Piriformis Massage – How To Apply Deep Tissue Massage for Piriformis Muscle

Piriformis Massage – How To Apply Deep Tissue Massage for Piriformis Muscle


Rick Merriam: 00:07 So we’re going to palpate the piriformis. And the first thing we’re going to do is find
the top of the crest of the ilium. So the superior aspect of the crest. I’m going to work my way around until I get to the psis. So for her, the psis is right here, and that’s
where I’m going to start my palpation. The piriformis muscle is attaching to the
anterior surface of the sacrum. So being that that’s the case, I can’t actually palpate those attachments. So I’m going to do the next best thing, and address the sacrotuberous ligament that the piriformis attaches to. Rick Merriam: 00:56 So another way to say that is, the piriformis is deep
to the sacrotuberous ligament. So if I use that lateral edge of the sacrum
as a guide, I can compress the sacrotuberous ligament until I feel some resistance…for
lack of a better term. And then, I’m going to move my thumb, in
this case, back and forth and side to side. Okay…so I’m actually compressing the sacrotuberous ligament with the goal of palpating the piriformis muscle. As best I can, I’m addressing the piriformis as it comes off the anterior surface of the sacrum. So again, I’m going to use that lateral sacrum or the lateral edge of that sacrum as a guide. And you can see how my fingers or my thumb is angled. I’m trying to angle in this direction rather
than being straight down, which you might actually see me do too. Right now I’m actually applying force on an angle. Okay, so again, compressing…it might be
hard to see on the camera, but I’m moving my thumb back and forth and side to side. This is referred to as transverse friction. You might also see it as a circular friction…if I was using more of a circular pattern. And of course, this tends to be something
you would see in the realm of sports massage. Okay. So as I’ve been working through here, I’ve
been kind of zooming in or getting more specific. Rick Merriam: 03:07 And again, feeling for
the lateral sacrum and using that lateral sacrum as a guide. I’m trying to get as close to the sacrum as
I can to try an pick up as many of those attachments as I can. Rick Merriam: 03:25 So from here, I’m going to jump over to here because I just covered all of that territory. Rick Merriam: 03:33 By the way, that was most of the width of the piriformis as it comes off of the sacrum. Just to give you an idea, the widest portion of the piriformis goes from here to that psis. That’s about the width of the piriformis as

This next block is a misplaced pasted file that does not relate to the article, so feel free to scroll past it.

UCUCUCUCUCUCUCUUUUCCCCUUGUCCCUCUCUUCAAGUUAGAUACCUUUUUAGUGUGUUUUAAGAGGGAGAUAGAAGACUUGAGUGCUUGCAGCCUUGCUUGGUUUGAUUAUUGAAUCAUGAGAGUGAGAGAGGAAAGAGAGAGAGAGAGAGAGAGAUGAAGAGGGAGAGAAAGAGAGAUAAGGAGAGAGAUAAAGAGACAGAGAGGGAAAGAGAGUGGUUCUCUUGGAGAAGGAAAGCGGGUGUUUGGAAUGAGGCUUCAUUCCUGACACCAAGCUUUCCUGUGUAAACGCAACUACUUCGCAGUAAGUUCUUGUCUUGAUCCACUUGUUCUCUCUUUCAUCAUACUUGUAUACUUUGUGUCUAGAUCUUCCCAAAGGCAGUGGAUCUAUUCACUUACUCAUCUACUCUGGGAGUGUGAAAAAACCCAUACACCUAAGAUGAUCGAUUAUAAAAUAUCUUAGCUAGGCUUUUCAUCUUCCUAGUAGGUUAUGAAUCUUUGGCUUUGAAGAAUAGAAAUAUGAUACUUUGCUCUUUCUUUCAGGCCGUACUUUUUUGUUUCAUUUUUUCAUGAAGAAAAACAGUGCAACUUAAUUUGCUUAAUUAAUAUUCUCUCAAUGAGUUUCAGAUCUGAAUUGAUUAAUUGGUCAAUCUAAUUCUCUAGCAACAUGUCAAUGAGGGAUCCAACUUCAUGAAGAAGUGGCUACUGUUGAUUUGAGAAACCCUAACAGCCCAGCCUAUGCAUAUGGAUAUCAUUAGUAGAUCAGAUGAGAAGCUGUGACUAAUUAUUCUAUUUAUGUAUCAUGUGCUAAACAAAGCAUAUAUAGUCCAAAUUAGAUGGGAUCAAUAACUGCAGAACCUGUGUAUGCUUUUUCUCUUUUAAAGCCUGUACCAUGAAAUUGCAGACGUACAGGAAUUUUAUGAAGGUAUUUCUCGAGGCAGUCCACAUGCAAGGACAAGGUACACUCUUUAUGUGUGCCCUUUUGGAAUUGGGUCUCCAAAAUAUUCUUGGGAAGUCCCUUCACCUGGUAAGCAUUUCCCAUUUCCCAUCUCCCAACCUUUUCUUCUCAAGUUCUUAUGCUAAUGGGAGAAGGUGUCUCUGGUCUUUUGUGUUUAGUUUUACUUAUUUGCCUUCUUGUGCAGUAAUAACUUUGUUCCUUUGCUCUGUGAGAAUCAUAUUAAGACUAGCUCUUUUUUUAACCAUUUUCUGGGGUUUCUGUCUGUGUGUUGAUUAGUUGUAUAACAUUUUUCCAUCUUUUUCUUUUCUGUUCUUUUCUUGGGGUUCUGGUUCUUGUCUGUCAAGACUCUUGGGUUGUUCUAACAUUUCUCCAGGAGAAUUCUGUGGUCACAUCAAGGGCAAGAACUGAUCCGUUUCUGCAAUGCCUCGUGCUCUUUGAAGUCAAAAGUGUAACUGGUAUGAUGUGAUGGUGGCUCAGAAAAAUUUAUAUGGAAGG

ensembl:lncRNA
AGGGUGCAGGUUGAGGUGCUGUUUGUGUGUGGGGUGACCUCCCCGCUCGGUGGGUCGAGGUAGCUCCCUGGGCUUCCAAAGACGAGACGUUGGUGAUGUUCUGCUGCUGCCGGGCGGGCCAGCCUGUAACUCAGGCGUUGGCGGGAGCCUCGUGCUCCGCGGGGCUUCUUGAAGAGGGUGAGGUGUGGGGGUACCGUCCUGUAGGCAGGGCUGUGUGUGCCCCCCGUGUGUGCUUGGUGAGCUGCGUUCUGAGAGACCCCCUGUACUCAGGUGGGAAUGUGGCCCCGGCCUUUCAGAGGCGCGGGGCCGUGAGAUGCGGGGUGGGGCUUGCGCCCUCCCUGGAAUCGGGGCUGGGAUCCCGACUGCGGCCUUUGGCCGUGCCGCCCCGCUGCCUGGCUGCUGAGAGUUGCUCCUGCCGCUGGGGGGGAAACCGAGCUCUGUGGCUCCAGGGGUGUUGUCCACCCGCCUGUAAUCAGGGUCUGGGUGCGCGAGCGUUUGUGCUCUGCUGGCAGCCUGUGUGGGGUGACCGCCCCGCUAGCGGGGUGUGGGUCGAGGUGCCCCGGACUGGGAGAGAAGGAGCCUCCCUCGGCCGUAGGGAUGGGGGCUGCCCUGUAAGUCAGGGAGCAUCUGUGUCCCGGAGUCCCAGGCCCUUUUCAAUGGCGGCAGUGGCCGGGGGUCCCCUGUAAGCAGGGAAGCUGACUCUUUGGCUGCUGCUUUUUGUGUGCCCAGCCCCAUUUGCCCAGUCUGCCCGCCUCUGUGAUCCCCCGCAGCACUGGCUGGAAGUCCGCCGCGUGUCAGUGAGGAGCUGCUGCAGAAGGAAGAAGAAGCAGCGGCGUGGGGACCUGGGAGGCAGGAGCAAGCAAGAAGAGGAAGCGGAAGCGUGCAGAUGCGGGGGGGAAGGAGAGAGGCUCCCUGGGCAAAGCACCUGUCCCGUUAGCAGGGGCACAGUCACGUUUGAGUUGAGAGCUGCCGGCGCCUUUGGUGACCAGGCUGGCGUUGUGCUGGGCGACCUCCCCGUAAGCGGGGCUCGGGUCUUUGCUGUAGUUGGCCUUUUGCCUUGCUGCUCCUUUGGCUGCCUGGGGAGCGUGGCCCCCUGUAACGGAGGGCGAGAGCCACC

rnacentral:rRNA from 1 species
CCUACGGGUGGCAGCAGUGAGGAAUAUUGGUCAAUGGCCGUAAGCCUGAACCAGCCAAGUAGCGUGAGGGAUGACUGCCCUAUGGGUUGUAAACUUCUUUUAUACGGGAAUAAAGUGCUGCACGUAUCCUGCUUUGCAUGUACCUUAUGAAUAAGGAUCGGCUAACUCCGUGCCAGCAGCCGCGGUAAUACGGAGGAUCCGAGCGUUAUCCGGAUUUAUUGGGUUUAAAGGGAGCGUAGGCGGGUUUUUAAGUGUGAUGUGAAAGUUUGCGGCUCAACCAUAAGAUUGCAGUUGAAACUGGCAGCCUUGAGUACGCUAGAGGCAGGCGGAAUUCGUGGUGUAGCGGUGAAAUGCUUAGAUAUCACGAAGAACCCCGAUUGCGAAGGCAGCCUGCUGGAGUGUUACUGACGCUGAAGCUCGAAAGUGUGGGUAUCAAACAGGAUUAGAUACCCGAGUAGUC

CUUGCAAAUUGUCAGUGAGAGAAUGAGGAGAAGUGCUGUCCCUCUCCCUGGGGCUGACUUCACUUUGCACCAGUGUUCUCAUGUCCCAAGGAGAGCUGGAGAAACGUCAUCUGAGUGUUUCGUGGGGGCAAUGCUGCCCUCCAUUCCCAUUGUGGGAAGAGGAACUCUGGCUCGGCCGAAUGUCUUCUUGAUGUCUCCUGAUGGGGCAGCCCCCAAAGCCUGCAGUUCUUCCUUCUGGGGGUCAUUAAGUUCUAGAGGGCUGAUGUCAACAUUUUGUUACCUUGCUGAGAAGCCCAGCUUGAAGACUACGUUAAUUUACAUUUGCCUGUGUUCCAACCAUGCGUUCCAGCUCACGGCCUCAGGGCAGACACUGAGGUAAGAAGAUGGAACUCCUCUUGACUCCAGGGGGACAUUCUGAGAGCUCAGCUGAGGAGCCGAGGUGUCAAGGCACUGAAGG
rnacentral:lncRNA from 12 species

it comes off the sacrum. But due to the sacrotuberous ligament, I’m going to continue to follow that lateral edge of the sacrum. Because the piriformis is actually attaching to the sacrotuberous ligament. Okay, so from here I’m going to jump back
down a little bit more. Rick Merriam: 04:28 Again, finding that lateral aspect of the sacrum and then applying force at an angle. You can see I’m trying to angle more in that direction. So I’m not going towards the table. I’m compressing the tissue first. In this case, the sacrotuberous ligament. And then adding that friction. So as I’m going through this, I’m not looking for or feeling for a release. I’m looking to cover all of this ground with
the intention of working on the attachments of the piriformis. Okay, so you can see, looking at the pelvis
here…and the sacrum. You can see that I was here initially, then,
I palpated the piriformis inferior to the psis. From there, I applied force into the sacrotuberous ligament as it comes off the psis. Then I followed the lateral sacrum until I
got to right here. Rick Merriam: 05:46 And then from there we’re
going to go over to the greater trochanter. You’re looking at it from a posterior view. And so right now we’re going to work right
in here. Okay. So you’re looking from a superior view. And we’re going to look for this notch right in through here. Just in case you can’t tell from this vantage point, she is actually laterally rotated. Depending on how you learned it, uh, externally rotated. So I have the thigh turned out. And that’s going to allow me to address the attachment that’s located on the greater trochanter. Okay. So I can access that. And that’s important. Because if I can’t get to the attachment of
the piriformis, I’m not going to get the result. So what I’m doing here, I’m coming in from the head of the table and trying to get perpendicular to that. As much as I possibly can. And again, by laterally rotating or externally rotating the thigh at the hip, I can get the right angle. You’re going to feel that tendon come in to the bone. Feel for that notch. And once you feel for that tendon and/or notch, you’re trying to be as perpendicular to that bony landmark as you can.You want to compress that tissue. I’m going to compress the tendon of the piriformis right into that greater trochanter. Rick Merriam: 07:45 So again, compressing this time directly into the bone and then I’m going to get that side to side or back
and forth friction massage. As you can see, I’m using my thumb. So that’s going to cover a lot of territory. The key is, once you’re in here is to try
an get a lay of the land. And then be even more specific. Rick Merriam: 08:17 Okay. Try to visualize how that tendon comes into the trochanter. Feel for that notch. Compress that attachment from as many angles as you can, while staying as perpendicular to the bony landmark as you can. The other thing that I do that you can’t see
in the video…prior to turning the camera on, I had her slide to her left. This way, her entire thigh is supported by
the table. Then I put this small bolster that’s half
of small round bolster under the ankle. Supporting the ankle prevents the lower leg
from falling off the table. So that covers the attachments of the piriformis muscle. Thanks for watching.

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